Researchers say emerging evidence suggests that combined physical activity and inactivity may be more important for chronic disease risk than physical activity alone.
“Actively sedentary is a new category of people who are fit for one hour but sitting around the rest of the day,” Bowman said. “You can’t offset 10 hours of stillness with one hour of exercise.”
Last year researchers at the University of Texas School of Public Health asked 218 marathoners and half marathoners to report their training and sitting times.
Median training time was 6.5 hours per week.
Median total sitting time was eight to 10.75 hours per day, suggesting that recreational distance runners are simultaneously highly sedentary and highly active.
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US gov’t to spend $31 million to “empower people to make healthy eating choices”

            Posted on September 29, 2014 by Stone Hearth News


 Richmond, VA, Sept. 29, 2014 – Agriculture Secretary Tom Vilsack today announced USDA’s National Institute of Food and Agriculture (NIFA) is making up to $31.5 million in funding available to help participants in the Supplemental Nutrition Assistance Program (SNAP) more easily afford healthy foods like fruits and vegetables. Secretary Vilsack made the announcement with Virginia First Lady Dorothy McAuliffe in Richmond.

“Too many struggling families do not have adequate access to nutritious food,” said Agriculture Secretary Tom Vilsack. “Helping families purchase more fresh produce is clearly good for families’ health, helps contribute to lower health costs for the country, and increases local food sales for family farmers. Public-private partnerships with non-profit organizations and other community groups are already proving to have great success across the country. These resources will allow partnerships like these to help even more families.”

The Food Insecurity Nutrition Incentive (FINI) program, a new Farm Bill program, brings together stakeholders from distinct parts of the food system and fosters understanding of how they might improve the nutrition and health status of SNAP households. Under FINI, applicants may propose relatively small pilot projects, multi-year community-based projects, or larger-scale multi-year projects. Funded projects will test community based strategies that could contribute to our understanding of how best to increase the purchase of fruits and vegetables by SNAP participants through incentives at the point of purchase, supported by effective and efficient benefit redemption technologies, that would inform future efforts.

NIFA will give priority to projects that:

Maximize the share of funds used for direct incentives to participants

Test innovative or promising strategies that would contribute to our understanding of how best to increase the purchase of fruits and vegetables by SNAP participants, which would inform future efforts

Develop innovative or improved benefit redemption systems that could be replicated or scaled

 Use direct-to-consumer sales marketing

Demonstrate a track record of designing and implementing successful nutrition incentive programs that connect low-income consumers and agricultural producers

Provide locally- or regionally-produced fruits and vegetables, especially culturally-appropriate fruits and vegetables for the target audience

Are located in underserved communities, particularly Promise ZonesThis is an external link or third-party site outside of the United States Department of Agriculture (USDA) website. and StrikeForce communities.

 All FINI projects must (1) have the support of a state SNAP agency; (2) increase the purchase of fruits and vegetables by low-income consumers participating in SNAP by providing incentives at the point of purchase; (3) operate through authorized SNAP retailers, and be in compliance with all relevant SNAP regulations and operating requirements; (4) agree to participate in the FINI comprehensive program evaluation; (5) ensure that the same terms and conditions apply to purchases made by individuals receiving SNAP benefits as apply to purchases made by individuals who are not SNAP participants; and (6) include effective and efficient technologies for benefit redemption systems that may be replicated in other states and communities.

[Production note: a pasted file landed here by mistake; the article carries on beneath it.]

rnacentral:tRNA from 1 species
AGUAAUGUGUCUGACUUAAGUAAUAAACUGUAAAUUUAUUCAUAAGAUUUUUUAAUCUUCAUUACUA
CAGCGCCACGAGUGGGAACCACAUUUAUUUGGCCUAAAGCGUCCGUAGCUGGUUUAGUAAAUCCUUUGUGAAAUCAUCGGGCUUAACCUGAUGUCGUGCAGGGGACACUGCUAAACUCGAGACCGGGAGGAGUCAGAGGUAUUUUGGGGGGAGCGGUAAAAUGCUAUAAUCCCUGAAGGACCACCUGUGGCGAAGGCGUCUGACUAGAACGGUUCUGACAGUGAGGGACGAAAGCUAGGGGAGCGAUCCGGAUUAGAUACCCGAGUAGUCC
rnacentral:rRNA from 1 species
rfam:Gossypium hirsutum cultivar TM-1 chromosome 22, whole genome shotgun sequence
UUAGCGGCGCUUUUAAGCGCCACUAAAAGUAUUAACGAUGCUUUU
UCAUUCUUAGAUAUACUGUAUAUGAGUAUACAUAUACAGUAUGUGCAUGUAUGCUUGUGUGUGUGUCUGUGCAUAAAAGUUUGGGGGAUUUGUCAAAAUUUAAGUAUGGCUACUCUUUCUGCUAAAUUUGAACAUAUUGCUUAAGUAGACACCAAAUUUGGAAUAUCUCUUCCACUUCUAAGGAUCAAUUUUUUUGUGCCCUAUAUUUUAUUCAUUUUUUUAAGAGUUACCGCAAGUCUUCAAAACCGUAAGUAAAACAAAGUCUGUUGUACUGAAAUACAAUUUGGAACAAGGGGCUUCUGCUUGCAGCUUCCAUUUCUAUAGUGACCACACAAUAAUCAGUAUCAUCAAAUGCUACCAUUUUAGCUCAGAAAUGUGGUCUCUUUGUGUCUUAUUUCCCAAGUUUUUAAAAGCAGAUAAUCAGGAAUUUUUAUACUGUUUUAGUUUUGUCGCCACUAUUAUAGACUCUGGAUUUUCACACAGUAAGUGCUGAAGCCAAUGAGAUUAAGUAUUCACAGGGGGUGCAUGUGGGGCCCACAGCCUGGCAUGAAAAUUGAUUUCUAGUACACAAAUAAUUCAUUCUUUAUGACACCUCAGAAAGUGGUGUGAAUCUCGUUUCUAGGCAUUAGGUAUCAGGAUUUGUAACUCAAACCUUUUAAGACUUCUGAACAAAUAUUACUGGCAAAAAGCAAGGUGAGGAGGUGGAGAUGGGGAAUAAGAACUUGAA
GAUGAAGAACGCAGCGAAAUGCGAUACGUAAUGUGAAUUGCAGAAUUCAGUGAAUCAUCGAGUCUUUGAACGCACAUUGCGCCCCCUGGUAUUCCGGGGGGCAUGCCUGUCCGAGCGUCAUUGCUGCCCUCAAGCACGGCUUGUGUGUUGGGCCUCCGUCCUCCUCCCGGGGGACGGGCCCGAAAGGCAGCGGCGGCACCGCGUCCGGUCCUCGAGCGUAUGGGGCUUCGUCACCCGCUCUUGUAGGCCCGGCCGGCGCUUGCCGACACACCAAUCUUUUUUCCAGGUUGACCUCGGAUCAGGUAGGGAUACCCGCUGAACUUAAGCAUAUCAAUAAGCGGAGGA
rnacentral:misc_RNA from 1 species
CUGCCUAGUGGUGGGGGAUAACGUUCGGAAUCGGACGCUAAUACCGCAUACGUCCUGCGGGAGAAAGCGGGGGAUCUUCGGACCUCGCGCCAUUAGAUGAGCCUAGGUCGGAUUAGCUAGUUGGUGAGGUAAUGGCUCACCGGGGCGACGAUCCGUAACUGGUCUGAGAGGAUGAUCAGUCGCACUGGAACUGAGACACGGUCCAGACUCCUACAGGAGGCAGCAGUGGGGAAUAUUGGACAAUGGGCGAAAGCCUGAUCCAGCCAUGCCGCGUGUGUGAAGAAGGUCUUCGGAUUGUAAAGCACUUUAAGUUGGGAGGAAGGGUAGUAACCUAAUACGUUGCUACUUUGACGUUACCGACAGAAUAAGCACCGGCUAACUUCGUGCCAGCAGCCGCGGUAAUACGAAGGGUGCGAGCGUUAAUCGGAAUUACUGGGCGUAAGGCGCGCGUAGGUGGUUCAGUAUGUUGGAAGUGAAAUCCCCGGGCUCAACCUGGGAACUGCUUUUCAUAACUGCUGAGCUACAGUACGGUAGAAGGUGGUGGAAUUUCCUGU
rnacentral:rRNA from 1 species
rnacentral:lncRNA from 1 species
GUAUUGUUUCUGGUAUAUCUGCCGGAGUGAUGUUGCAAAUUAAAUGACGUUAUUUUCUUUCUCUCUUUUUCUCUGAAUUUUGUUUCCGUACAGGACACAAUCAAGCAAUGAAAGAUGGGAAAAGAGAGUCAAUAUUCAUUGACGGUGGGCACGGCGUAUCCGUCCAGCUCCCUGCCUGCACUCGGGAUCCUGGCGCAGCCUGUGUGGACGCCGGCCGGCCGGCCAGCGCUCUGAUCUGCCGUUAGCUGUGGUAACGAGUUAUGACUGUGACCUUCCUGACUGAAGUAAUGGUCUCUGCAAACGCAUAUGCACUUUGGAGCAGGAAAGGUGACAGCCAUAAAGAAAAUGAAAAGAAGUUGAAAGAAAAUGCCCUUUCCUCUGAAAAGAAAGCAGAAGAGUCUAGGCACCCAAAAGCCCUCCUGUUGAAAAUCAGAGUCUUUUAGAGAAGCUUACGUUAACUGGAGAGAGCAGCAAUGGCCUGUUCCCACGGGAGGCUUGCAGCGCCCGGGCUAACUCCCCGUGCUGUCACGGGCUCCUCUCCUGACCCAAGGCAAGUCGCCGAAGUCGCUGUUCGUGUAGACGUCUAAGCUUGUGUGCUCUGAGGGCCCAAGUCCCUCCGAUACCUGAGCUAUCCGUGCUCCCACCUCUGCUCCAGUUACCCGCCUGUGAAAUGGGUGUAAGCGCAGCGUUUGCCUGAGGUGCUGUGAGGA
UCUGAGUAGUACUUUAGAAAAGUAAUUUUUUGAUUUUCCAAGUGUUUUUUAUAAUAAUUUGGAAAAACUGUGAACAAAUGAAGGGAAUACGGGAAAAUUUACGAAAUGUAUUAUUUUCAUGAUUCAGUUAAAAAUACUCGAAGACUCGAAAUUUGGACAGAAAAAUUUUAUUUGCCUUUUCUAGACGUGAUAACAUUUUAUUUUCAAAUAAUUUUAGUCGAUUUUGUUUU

Applications are requested in each of the following three categories: (1) FINI pilot projects (awards not to exceed $100,000 over one year); (2) multi-year, community-based FINI projects (awards not to exceed $500,000 over no more than four years); and (3) multi-year, FINI large-scale projects (awards of $500,000 or more over no more than four years).

 FINI is a joint effort between NIFA and USDA’s Food and Nutrition Service, which oversees SNAP and has responsibility for evaluating the impacts of the incentive projects. This solicitation combines funds for fiscal years 2014 and 2015. There will not be a solicitation in fiscal year 2015. Applications are due Dec. 15, 2014. NIFA will host a webinar for applicants on Oct. 2 at 2 p.m., EDT.

Funding for the FINI program is authorized by the 2014 Farm Bill. The Farm Bill builds on historic economic gains in rural America over the past five years, while achieving meaningful reform and billions of dollars in savings for taxpayers. Since enactment, USDA has made significant progress to implement each provision of this critical legislation, including providing disaster relief to farmers and ranchers; strengthening risk management tools; expanding access to rural credit; funding critical research; establishing innovative public-private conservation partnerships; developing new markets for rural-made products; and investing in infrastructure, housing and community facilities to help improve quality of life in rural America. For more information, visit www.usda.gov/farmbill.

SNAP – the nation’s first line of defense against hunger – helps put food on the table for millions of families experiencing hardship. The program has never been more critical to the fight against hunger. Nearly half of SNAP participants are children, and 42 percent of recipients live in households in which at least one adult is working but still cannot afford to put food on the table. SNAP benefits provided help to millions who lost their jobs during the Great Recession. For many, SNAP benefits provide temporary assistance, with the average new applicant remaining on the program 10 months.